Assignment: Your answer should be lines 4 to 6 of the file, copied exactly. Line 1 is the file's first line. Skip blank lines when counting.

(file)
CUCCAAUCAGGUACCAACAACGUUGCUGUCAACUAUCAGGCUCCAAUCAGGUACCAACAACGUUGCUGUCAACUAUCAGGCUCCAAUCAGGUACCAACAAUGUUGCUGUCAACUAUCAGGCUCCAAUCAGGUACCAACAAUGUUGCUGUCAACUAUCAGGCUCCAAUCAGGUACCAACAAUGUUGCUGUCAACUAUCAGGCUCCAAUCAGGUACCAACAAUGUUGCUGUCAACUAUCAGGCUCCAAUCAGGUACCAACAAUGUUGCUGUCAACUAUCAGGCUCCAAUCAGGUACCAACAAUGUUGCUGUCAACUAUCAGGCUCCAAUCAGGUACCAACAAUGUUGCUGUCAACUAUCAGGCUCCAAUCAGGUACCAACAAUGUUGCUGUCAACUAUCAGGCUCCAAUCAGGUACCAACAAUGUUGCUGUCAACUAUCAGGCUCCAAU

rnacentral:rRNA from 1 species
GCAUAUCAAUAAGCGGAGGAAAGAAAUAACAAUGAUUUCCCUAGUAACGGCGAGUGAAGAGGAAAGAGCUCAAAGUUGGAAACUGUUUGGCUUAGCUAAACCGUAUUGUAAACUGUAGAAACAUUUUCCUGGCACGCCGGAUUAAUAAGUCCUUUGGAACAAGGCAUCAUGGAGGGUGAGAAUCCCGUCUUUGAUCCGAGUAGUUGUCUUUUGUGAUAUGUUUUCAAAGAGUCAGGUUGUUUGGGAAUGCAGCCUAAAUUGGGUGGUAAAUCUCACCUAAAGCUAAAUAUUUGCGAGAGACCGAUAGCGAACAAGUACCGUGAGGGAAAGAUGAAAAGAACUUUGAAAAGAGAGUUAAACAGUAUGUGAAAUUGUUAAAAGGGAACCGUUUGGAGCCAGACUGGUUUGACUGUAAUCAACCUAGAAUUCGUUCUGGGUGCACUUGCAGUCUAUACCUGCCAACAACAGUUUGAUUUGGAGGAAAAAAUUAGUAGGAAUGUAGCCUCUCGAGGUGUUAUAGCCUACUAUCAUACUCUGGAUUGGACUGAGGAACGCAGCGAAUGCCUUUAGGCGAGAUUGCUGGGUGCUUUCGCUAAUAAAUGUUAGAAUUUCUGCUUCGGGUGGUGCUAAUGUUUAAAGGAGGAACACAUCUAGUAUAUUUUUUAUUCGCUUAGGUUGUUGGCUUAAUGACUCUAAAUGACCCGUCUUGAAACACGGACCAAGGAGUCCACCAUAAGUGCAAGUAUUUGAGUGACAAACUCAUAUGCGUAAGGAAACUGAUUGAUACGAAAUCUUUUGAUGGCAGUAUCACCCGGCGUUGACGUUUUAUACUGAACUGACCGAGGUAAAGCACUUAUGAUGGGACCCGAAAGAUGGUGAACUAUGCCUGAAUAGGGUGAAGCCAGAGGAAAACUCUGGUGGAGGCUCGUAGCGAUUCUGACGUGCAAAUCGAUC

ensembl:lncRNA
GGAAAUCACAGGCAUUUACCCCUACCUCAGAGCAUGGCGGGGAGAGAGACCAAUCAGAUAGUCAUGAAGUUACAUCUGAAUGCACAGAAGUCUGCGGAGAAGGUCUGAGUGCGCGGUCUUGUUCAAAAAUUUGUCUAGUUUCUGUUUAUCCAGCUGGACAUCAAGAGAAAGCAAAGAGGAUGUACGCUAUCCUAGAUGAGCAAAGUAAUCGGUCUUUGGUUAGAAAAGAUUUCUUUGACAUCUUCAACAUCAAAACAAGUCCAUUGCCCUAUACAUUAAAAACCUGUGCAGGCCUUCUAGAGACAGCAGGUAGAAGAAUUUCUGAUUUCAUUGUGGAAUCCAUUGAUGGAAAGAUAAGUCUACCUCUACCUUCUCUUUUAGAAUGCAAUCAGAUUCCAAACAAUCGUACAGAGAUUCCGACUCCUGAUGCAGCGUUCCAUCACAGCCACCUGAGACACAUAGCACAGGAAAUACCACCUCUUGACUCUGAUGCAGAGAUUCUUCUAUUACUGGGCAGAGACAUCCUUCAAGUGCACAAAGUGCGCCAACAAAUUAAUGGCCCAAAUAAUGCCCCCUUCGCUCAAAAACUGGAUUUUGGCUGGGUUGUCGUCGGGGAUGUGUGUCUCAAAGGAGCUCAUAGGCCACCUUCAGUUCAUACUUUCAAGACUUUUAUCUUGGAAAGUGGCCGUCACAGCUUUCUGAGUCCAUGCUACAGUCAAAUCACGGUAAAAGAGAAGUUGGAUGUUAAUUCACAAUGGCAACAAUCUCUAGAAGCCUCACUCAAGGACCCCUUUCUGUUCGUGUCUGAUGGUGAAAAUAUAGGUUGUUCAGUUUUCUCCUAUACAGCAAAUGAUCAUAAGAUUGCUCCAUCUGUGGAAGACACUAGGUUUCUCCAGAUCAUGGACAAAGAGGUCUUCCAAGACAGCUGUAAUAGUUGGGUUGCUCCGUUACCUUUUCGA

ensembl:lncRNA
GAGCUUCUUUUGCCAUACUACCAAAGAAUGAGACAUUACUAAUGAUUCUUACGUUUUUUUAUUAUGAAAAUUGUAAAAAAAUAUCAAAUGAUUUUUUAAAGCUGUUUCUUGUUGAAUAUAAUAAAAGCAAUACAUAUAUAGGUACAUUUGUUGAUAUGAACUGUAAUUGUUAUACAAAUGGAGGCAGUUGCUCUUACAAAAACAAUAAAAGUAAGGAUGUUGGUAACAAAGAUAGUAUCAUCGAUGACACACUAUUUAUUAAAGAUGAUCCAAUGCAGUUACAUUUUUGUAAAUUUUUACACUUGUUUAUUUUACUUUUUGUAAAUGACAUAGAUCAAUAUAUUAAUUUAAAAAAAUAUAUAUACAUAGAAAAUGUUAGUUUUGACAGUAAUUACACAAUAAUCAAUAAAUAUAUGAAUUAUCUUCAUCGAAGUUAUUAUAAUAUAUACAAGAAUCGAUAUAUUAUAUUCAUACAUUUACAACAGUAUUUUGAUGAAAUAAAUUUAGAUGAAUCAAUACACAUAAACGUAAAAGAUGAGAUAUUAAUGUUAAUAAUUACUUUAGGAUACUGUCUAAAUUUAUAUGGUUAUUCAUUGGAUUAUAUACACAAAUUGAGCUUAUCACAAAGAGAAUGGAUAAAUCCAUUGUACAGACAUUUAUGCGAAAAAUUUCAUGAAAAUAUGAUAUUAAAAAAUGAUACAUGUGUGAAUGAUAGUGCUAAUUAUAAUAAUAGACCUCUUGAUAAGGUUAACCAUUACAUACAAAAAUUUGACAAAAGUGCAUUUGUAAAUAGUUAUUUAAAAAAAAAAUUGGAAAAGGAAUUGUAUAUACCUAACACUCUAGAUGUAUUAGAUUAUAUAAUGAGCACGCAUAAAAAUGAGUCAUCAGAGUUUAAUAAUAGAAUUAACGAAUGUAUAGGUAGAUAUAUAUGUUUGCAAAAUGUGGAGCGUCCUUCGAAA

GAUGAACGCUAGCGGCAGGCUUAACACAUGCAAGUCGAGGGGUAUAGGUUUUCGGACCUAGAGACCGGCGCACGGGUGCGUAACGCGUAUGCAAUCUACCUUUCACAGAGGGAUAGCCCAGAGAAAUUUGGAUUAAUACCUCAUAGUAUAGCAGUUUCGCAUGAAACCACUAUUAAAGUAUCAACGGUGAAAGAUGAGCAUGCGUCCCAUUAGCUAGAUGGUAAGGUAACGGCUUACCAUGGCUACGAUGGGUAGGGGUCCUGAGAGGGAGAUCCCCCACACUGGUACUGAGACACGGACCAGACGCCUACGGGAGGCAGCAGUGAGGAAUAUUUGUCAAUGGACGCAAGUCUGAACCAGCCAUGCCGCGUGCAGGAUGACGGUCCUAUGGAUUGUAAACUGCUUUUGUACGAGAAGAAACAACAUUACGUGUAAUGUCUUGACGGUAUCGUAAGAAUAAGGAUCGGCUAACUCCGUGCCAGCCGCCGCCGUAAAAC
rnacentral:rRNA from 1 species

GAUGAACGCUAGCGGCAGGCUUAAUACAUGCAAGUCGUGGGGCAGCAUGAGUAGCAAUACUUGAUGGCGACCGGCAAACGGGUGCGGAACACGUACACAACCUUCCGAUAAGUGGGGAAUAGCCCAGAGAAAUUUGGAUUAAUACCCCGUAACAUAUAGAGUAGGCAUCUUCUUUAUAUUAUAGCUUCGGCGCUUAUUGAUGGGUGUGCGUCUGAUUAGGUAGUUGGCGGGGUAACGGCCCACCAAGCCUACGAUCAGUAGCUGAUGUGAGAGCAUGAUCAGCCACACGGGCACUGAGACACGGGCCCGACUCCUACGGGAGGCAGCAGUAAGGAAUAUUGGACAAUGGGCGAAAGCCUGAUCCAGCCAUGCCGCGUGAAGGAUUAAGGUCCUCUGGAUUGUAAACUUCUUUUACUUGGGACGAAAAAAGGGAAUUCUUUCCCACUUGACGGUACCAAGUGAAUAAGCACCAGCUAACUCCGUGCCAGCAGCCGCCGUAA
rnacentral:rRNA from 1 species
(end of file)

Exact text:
ensembl:lncRNA
GGAAAUCACAGGCAUUUACCCCUACCUCAGAGCAUGGCGGGGAGAGAGACCAAUCAGAUAGUCAUGAAGUUACAUCUGAAUGCACAGAAGUCUGCGGAGAAGGUCUGAGUGCGCGGUCUUGUUCAAAAAUUUGUCUAGUUUCUGUUUAUCCAGCUGGACAUCAAGAGAAAGCAAAGAGGAUGUACGCUAUCCUAGAUGAGCAAAGUAAUCGGUCUUUGGUUAGAAAAGAUUUCUUUGACAUCUUCAACAUCAAAACAAGUCCAUUGCCCUAUACAUUAAAAACCUGUGCAGGCCUUCUAGAGACAGCAGGUAGAAGAAUUUCUGAUUUCAUUGUGGAAUCCAUUGAUGGAAAGAUAAGUCUACCUCUACCUUCUCUUUUAGAAUGCAAUCAGAUUCCAAACAAUCGUACAGAGAUUCCGACUCCUGAUGCAGCGUUCCAUCACAGCCACCUGAGACACAUAGCACAGGAAAUACCACCUCUUGACUCUGAUGCAGAGAUUCUUCUAUUACUGGGCAGAGACAUCCUUCAAGUGCACAAAGUGCGCCAACAAAUUAAUGGCCCAAAUAAUGCCCCCUUCGCUCAAAAACUGGAUUUUGGCUGGGUUGUCGUCGGGGAUGUGUGUCUCAAAGGAGCUCAUAGGCCACCUUCAGUUCAUACUUUCAAGACUUUUAUCUUGGAAAGUGGCCGUCACAGCUUUCUGAGUCCAUGCUACAGUCAAAUCACGGUAAAAGAGAAGUUGGAUGUUAAUUCACAAUGGCAACAAUCUCUAGAAGCCUCACUCAAGGACCCCUUUCUGUUCGUGUCUGAUGGUGAAAAUAUAGGUUGUUCAGUUUUCUCCUAUACAGCAAAUGAUCAUAAGAUUGCUCCAUCUGUGGAAGACACUAGGUUUCUCCAGAUCAUGGACAAAGAGGUCUUCCAAGACAGCUGUAAUAGUUGGGUUGCUCCGUUACCUUUUCGA

ensembl:lncRNA